Evaluation of Measures to Facilitate Access to Care for Pregnant Deaf Patients: Use of Interpreters and Training of Caregivers in Sign Language
- *Corresponding Author:
- Dr. Véronique Equy, M.D
Clinique Universitaire de Gynécologie-obstétrique
Hôpital Couple Enfant, CHU de Grenoble
CS 10217, 38043 Grenoble cedex 09, France
E-mail: [email protected]
Received date: June 28, 2013; Accepted date: October 18, 2013; Published date: October 20, 2013
Citation: Equy V, Derore A, Vassort N, Branchet F, Mongourdin B, et al. (2013) Evaluation of Measures to Facilitate Access to Care for Pregnant Deaf Patients: Use of Interpreters and Training of Caregivers in Sign Language. Commun Disord Deaf Stud Hearing Aids 1:103. doi: 10.4172/2375-4427.1000103
Copyright: © 2013 Equy V, et al. This is an open-access article distributed under the terms of the Creative Commons Attribution License, which permits unrestricted use, distribution, and reproduction in any medium, provided the original author and source are credited.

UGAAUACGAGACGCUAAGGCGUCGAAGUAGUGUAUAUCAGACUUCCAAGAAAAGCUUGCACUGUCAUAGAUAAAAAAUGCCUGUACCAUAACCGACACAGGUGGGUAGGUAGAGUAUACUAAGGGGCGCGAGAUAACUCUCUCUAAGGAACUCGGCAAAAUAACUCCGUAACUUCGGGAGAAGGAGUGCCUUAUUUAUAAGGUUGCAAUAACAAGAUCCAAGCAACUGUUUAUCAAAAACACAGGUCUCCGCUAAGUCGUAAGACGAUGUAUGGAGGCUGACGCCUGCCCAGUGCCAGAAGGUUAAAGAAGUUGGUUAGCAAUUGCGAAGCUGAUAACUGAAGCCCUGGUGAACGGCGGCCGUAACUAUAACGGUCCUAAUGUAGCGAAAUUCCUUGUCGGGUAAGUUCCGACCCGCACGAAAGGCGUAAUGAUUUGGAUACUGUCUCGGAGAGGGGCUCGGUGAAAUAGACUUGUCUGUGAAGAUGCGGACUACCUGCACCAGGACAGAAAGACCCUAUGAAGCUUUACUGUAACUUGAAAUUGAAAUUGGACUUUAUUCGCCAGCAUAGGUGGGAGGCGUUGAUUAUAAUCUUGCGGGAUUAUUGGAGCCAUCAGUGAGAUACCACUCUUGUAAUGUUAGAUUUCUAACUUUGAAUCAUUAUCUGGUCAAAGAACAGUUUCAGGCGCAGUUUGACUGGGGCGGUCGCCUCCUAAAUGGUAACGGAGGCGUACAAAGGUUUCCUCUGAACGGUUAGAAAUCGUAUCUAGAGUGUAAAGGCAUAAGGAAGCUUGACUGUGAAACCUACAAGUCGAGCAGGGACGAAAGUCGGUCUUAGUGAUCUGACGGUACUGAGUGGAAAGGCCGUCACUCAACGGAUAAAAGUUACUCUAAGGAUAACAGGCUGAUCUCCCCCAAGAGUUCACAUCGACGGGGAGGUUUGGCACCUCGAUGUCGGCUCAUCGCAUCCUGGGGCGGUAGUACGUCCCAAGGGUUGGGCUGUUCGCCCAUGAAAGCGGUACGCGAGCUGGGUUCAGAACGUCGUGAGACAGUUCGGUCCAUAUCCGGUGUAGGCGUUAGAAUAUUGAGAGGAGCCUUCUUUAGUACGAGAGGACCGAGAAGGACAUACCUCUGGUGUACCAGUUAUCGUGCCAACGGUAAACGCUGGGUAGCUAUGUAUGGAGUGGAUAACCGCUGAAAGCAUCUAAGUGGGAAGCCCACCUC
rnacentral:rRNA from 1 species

Objectives: Deafness affects about 7% of the French population. In this context, the clinic of obstetrics and gynecology of Grenoble University Hospital (France) has set up two affirmative action’s to assist pregnant signingdeaf patients (who preferentially “speak” sign language). One is, a partnership with qualified French Sign Language interpreters from the Deaf Patient Reception and Care Unit, and the second is, sign language training for nine medical professionals. The aim of this study is to evaluate these initiatives in deaf patient care and propose some potential improvements.
Material and methods: This was a descriptive study conducted from information contained in the computerized and paper files of 22 pregnant signaling deaf patients.
Results: There is significant adaptation of patient management during scheduled consultations and hospitalization, whereas the adaptation rate remains poor for emergency situations.
Conclusion: The adaptation of care to the deaf turns out to be perfectible, through advance planning of the entire pregnancy consultation schedule. In emergency situations, the creation of a sign language interpreter on-call position would greatly improve the access to appropriate for these patients.